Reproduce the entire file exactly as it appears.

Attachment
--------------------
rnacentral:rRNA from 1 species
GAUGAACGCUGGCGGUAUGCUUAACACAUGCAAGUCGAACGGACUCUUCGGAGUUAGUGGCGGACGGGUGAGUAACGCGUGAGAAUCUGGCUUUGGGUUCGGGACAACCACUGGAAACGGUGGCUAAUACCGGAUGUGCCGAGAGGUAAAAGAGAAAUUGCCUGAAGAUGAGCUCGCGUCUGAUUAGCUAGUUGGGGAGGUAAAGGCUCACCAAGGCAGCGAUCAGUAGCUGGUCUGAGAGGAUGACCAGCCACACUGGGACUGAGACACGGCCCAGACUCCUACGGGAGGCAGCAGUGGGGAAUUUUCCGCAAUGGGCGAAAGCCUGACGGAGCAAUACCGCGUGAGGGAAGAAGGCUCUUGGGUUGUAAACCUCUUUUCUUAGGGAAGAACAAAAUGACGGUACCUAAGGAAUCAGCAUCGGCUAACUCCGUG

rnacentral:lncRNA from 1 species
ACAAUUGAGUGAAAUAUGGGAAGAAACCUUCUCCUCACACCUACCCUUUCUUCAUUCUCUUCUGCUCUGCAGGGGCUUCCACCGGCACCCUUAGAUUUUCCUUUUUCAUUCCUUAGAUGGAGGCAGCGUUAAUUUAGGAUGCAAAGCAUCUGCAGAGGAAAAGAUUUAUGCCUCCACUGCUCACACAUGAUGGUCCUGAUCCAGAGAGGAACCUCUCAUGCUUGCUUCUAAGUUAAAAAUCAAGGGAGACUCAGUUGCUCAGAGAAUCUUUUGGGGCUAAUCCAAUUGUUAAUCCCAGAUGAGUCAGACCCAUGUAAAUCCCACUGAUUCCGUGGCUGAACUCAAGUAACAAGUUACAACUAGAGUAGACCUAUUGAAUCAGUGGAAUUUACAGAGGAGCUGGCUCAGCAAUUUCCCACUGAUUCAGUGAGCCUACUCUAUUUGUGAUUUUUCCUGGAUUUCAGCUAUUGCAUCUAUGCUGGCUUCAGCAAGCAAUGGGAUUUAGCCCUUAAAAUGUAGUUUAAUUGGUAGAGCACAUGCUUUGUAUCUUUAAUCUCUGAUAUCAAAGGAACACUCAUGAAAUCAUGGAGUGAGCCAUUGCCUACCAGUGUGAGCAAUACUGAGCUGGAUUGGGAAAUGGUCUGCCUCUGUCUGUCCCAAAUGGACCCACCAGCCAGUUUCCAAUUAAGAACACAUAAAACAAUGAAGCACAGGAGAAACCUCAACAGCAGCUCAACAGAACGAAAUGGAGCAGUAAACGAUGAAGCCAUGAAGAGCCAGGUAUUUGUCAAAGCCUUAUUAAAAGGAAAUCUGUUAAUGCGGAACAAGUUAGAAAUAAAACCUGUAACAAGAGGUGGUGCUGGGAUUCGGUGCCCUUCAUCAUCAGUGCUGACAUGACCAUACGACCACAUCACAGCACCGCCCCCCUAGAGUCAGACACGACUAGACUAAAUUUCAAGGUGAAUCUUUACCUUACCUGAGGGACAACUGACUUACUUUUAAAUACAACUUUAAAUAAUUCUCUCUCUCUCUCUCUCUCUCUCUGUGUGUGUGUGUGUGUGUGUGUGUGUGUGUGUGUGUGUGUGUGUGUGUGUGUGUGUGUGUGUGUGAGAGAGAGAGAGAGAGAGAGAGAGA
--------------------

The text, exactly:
rnacentral:rRNA from 1 species
GAUGAACGCUGGCGGUAUGCUUAACACAUGCAAGUCGAACGGACUCUUCGGAGUUAGUGGCGGACGGGUGAGUAACGCGUGAGAAUCUGGCUUUGGGUUCGGGACAACCACUGGAAACGGUGGCUAAUACCGGAUGUGCCGAGAGGUAAAAGAGAAAUUGCCUGAAGAUGAGCUCGCGUCUGAUUAGCUAGUUGGGGAGGUAAAGGCUCACCAAGGCAGCGAUCAGUAGCUGGUCUGAGAGGAUGACCAGCCACACUGGGACUGAGACACGGCCCAGACUCCUACGGGAGGCAGCAGUGGGGAAUUUUCCGCAAUGGGCGAAAGCCUGACGGAGCAAUACCGCGUGAGGGAAGAAGGCUCUUGGGUUGUAAACCUCUUUUCUUAGGGAAGAACAAAAUGACGGUACCUAAGGAAUCAGCAUCGGCUAACUCCGUG

rnacentral:lncRNA from 1 species
ACAAUUGAGUGAAAUAUGGGAAGAAACCUUCUCCUCACACCUACCCUUUCUUCAUUCUCUUCUGCUCUGCAGGGGCUUCCACCGGCACCCUUAGAUUUUCCUUUUUCAUUCCUUAGAUGGAGGCAGCGUUAAUUUAGGAUGCAAAGCAUCUGCAGAGGAAAAGAUUUAUGCCUCCACUGCUCACACAUGAUGGUCCUGAUCCAGAGAGGAACCUCUCAUGCUUGCUUCUAAGUUAAAAAUCAAGGGAGACUCAGUUGCUCAGAGAAUCUUUUGGGGCUAAUCCAAUUGUUAAUCCCAGAUGAGUCAGACCCAUGUAAAUCCCACUGAUUCCGUGGCUGAACUCAAGUAACAAGUUACAACUAGAGUAGACCUAUUGAAUCAGUGGAAUUUACAGAGGAGCUGGCUCAGCAAUUUCCCACUGAUUCAGUGAGCCUACUCUAUUUGUGAUUUUUCCUGGAUUUCAGCUAUUGCAUCUAUGCUGGCUUCAGCAAGCAAUGGGAUUUAGCCCUUAAAAUGUAGUUUAAUUGGUAGAGCACAUGCUUUGUAUCUUUAAUCUCUGAUAUCAAAGGAACACUCAUGAAAUCAUGGAGUGAGCCAUUGCCUACCAGUGUGAGCAAUACUGAGCUGGAUUGGGAAAUGGUCUGCCUCUGUCUGUCCCAAAUGGACCCACCAGCCAGUUUCCAAUUAAGAACACAUAAAACAAUGAAGCACAGGAGAAACCUCAACAGCAGCUCAACAGAACGAAAUGGAGCAGUAAACGAUGAAGCCAUGAAGAGCCAGGUAUUUGUCAAAGCCUUAUUAAAAGGAAAUCUGUUAAUGCGGAACAAGUUAGAAAUAAAACCUGUAACAAGAGGUGGUGCUGGGAUUCGGUGCCCUUCAUCAUCAGUGCUGACAUGACCAUACGACCACAUCACAGCACCGCCCCCCUAGAGUCAGACACGACUAGACUAAAUUUCAAGGUGAAUCUUUACCUUACCUGAGGGACAACUGACUUACUUUUAAAUACAACUUUAAAUAAUUCUCUCUCUCUCUCUCUCUCUCUCUGUGUGUGUGUGUGUGUGUGUGUGUGUGUGUGUGUGUGUGUGUGUGUGUGUGUGUGUGUGUGUGUGAGAGAGAGAGAGAGAGAGAGAGAGA